Sunday, August 1, 2004
“Plane Talk” From Machado
A leading aviation expert’s collection of informal, but educational, articles
Plane Talk is a collection of 96 articles Rod has written during the last 15 years, and the stories run the gamut from hilarious to philosophical to inspiring to brilliant, sometimes all four at the same time. Machado writes very much as he talks, from the heart with intelligence and insight, but always with a touch of irreverence, and Plane Talk reads almost like a conversation with the man.
The book’s 440-some pages are divided into 18 chapters on everything from aviation statistics, handling new fliers, avoiding mid-airs and conquering crosswinds to helicopters, using GPS, VFR simulators and landings to forget. As a trained psychologist, Machado deals with aviation subjects with a different tack, examining why we do some of the dumb things we do and explaining how we can shortstop bad decisions. Like any good psychologist, he prefers to examine motivations and analyze people rather than dwell on accident reports as subject matter.
As mentioned above, Plane Talk isn’t a formalized manual on flying, but it imparts more pure aviation smarts than any other book I’ve read. The book is available through the Aviation Speaker’s Bureau at (800) 437-7080 or on Rod’s Website at www.rodmachado.com.
Air Chart Systems
Air racer Howie Keefe (P-51 “Miss America”) started Air Charts some 43 years ago, and the now highly evolved books are still probably the best single-source chart system available for domestic VFR and low-altitude IFR. I’ve used them consistently for probably 30 of those years, and it certainly makes the task of flying easier, knowing that you always have every chart you could possibly need in a single, simple source.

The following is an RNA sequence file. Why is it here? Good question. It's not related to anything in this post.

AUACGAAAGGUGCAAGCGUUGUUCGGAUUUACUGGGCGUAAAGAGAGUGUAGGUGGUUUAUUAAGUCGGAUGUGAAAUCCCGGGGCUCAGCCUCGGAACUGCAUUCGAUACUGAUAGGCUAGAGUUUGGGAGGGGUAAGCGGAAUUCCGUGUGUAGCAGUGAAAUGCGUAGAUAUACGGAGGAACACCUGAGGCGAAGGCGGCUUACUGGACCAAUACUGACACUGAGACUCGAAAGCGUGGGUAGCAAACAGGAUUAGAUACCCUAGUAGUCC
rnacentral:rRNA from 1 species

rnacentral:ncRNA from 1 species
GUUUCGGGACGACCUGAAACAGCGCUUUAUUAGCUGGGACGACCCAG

The full package of Air Charts includes all the low-altitude en-routes, all the WAC charts and, most recently, all the sectionals in the contiguous 48 states. The latter were added this year, and they make dealing with long flights across multiple charts an easy task, without spreading paper all over the cockpit. The books measure about 11 x 11 inches, are easy to manipulate in the cockpit and are heavily spiral bound, and finding your way around the country is relatively simple using the system.
Air Charts also includes a compact Captain’s Guide with lots of stuff you won’t find anywhere else, at least not conveniently: an AM radio guide, including a list of 50,000-watt, clear channel stations; a localizer/locator frequency guide; hotel and car rental and airline toll-free numbers; freqs for all towers in the country; an airport directory; NDBs/fixes listings; an ASOS/AWOS directory; and much more.
Air Charts is now owned and operated by Mike Barker at (800) 338-7221 or on the Web at www.airchart.com.
Bill Cox is entering his third decade as a senior contributor to Plane & Pilot® and provides consulting for media, entertainment and aviation concerns worldwide.
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